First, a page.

There have been hints at its possibility for years now, with talented artists from around the country releasing music displaying their undeniable potential before their 20th birthday.

While it feels like they were released only yesterday, projects like Mac Miller’s “K.I.D.S.” and Earl Sweatshirt’s “EARL” have maintained momentum with the help of their devout listeners.

What initially seemed like what might be short-lived careers for artists of these similar styles has proven to be the beginning of the deservedly coined, “new school” of hip-hop since the likes of Run-DMC and Public Enemy shattered barriers in the 1980s. Whether or not the hype surrounding their conception into the hip-hop community was organically based off their craft alone, the success they have produced is reason to believe they are going to continue to elevate the genre.

An artist with less of a catalogue as the two aforementioned artists is Vince Staples.

Hailing from Long Beach, California, Vince has built a sizable fan base in large part due to his collaborative efforts with fellow West Coast-kin, Odd Future. In fact, I hadn’t paid any attention to his solo work until hearing his verse on, “Hive“, the second single from Earl’s 2013 solo debut, Doris.

It was undoubtedly the best feature on that particular album and probably one of the most quotable verses of last year.

“Come around, we gun ‘em down. Bodies piled, Auschwitz… Tools hit like pool sticks, the way I cue shit… Ruger with the pork face, Jewish for the court case.”

Even after such, I still hadn’t taken the time to listen to any of Staples’ past solo projects or even his most highly anticipated mixtape, Shyne Coldchain Vol. 2, which will drop this March.

Without much promotion, I had heard very little about his studio debut EP released in early October, with the exception of some lackluster reviews here and there. But with the slow season for new music releases nearly upon us, I decided to give it a shot.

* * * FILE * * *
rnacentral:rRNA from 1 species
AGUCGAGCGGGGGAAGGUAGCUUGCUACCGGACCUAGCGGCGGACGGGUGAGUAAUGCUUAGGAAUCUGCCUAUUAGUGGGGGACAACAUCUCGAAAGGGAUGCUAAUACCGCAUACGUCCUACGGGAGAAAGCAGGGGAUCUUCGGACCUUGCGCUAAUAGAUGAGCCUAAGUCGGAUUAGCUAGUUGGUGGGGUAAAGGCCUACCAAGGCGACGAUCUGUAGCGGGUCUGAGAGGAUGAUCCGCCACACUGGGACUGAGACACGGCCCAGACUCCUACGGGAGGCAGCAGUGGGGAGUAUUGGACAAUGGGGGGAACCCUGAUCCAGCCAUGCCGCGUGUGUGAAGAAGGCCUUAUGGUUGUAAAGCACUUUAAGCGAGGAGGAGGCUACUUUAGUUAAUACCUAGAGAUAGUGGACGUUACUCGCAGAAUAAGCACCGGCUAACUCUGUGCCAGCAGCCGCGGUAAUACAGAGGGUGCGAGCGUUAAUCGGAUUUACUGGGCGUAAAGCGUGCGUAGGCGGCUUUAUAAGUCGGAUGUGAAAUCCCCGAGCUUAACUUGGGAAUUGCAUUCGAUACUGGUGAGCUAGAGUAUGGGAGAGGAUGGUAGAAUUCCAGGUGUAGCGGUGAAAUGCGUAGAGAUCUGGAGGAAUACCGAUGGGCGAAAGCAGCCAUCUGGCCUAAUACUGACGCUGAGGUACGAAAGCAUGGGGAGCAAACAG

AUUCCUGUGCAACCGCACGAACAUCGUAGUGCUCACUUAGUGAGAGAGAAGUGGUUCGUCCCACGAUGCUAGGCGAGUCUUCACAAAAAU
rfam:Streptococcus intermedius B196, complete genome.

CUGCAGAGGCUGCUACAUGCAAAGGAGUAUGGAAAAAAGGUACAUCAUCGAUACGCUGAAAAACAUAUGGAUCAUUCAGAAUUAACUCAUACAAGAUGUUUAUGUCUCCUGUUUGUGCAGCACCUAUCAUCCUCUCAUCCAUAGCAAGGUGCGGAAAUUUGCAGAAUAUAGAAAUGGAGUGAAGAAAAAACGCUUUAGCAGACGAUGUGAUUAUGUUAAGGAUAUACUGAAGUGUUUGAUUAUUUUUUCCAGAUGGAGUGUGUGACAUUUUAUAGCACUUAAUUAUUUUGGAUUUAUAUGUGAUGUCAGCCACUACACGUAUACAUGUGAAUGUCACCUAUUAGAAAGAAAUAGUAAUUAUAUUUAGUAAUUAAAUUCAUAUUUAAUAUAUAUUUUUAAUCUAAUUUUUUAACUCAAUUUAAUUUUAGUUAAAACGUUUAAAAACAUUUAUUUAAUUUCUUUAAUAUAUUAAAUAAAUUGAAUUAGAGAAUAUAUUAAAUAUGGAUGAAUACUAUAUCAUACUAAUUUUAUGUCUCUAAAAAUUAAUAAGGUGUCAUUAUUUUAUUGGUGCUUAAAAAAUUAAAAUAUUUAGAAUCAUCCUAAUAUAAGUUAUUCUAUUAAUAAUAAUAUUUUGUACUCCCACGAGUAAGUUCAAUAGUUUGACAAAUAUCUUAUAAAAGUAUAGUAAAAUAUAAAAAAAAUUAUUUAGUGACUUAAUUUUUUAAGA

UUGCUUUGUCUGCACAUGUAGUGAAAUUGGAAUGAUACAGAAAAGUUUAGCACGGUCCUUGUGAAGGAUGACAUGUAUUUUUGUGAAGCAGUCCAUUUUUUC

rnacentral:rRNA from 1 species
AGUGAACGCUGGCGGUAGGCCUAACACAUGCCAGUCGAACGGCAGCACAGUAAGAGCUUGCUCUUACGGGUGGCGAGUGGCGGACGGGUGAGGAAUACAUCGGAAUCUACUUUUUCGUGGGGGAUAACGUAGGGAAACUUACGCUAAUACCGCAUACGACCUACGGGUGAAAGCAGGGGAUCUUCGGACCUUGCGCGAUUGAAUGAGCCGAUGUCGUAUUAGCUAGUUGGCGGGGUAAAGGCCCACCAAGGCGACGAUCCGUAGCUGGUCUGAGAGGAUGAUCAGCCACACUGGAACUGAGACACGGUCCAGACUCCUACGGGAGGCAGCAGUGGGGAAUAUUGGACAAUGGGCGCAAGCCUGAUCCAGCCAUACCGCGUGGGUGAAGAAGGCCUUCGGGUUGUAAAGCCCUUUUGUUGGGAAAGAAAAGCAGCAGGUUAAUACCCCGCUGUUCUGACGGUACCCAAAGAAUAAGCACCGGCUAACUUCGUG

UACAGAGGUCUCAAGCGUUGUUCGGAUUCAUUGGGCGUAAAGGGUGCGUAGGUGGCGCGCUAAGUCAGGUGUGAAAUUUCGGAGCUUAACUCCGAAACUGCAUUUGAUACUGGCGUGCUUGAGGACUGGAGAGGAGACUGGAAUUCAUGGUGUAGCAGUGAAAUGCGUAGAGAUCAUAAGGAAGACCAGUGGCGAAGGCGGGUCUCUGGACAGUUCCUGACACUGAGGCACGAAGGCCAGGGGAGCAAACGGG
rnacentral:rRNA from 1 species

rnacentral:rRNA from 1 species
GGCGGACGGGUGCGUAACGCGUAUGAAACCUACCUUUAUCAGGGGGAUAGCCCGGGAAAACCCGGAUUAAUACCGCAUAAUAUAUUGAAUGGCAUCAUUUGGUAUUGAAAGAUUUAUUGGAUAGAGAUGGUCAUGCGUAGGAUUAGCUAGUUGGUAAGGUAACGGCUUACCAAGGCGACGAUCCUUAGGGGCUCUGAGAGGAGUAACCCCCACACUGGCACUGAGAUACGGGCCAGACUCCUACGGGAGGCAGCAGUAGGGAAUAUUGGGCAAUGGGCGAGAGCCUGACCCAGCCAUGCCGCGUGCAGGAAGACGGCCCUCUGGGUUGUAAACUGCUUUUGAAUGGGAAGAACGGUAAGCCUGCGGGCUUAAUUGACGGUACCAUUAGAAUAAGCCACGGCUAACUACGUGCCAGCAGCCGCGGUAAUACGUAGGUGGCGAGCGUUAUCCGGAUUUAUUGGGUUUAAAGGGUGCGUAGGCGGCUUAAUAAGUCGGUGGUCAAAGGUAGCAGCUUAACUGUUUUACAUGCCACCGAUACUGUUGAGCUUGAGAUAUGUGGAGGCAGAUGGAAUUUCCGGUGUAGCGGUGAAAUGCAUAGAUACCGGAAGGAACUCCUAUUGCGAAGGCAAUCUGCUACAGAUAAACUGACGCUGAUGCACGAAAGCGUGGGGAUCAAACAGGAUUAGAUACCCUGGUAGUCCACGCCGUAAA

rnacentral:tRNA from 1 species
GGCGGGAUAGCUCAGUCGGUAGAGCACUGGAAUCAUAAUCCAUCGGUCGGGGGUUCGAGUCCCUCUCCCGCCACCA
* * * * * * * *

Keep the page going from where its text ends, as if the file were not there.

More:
Hell Can Wait is only a seven-track release that comes in at just 24 minutes long. While the relatively short duration might be a deterrent for lyrically dense concept albums, it might actually be what I enjoyed most about this project. The perfect length for your morning commute, it is a breath of fresh air in an age where albums can seem so long winded that they struggle to build and maintain the momentum to hold our ears. While short in length, Hell Can Wait is an exceptional release for Vince Staples.

Upon hearing and seeing the visuals for the album’s lead single, “Blue Suede,” I was struck by the reinvigorated urgency in Staples’ voice that I hadn’t heard in his previous guest feature appearances.

At first listen, the album title is explained by production that could be described as what some would imagine hell might sound like. Tracks like “Blue Suede” feature heavy bass, industrial percussion pattern loops, and a high-pitched siren squeal. Having previously been known for little besides his Toronto roots and consequent affiliation with Drake’s OVO team of producers, Hagler is responsible for four instrumentals on the project, including this particular track.

Of course, the real inspiration behind the title is a day in the life of a 21-year old in an environment that Staples speaks of extensively on this project. Frequent references to his friends’ and family’s desire to make a living by any means necessary has bestowed on him a life that may lead to purgatory. As is apparent by the music video above, Staples embodies a lifestyle reminiscent of past West Coast artists; including dominos, Olde English, and bandana patterned shirts.

While Staples does fits the mold cast by his predecessors visually, his music is much more contemporary. Despite the frequent references to weed, 40’s, and guns (or “burners” as Vince prefers), socially conscious thoughts are given as well. “Limos” is an honest representation of a teenage relationship between two irresponsible kids and features vocals from Teyana Taylor, believed to be the next Mary J. Blige of R&B.

In terms of his place within the hierarchy of new school artists, I think Vince Staples still has something to prove. He has established himself as one of the best at delivering lines that listeners will rewind back and play again, but hasn’t done so on a large scale yet.

What stuck with me most on this project is what my impression of Vince Staples has been for some time now. The kid has bars. For as many one-liners he gave in 24 minutes, it’s kind of scary to think what he could do on a full length EP.

(Featured Image courtesy of Vince Staples’ Facebook)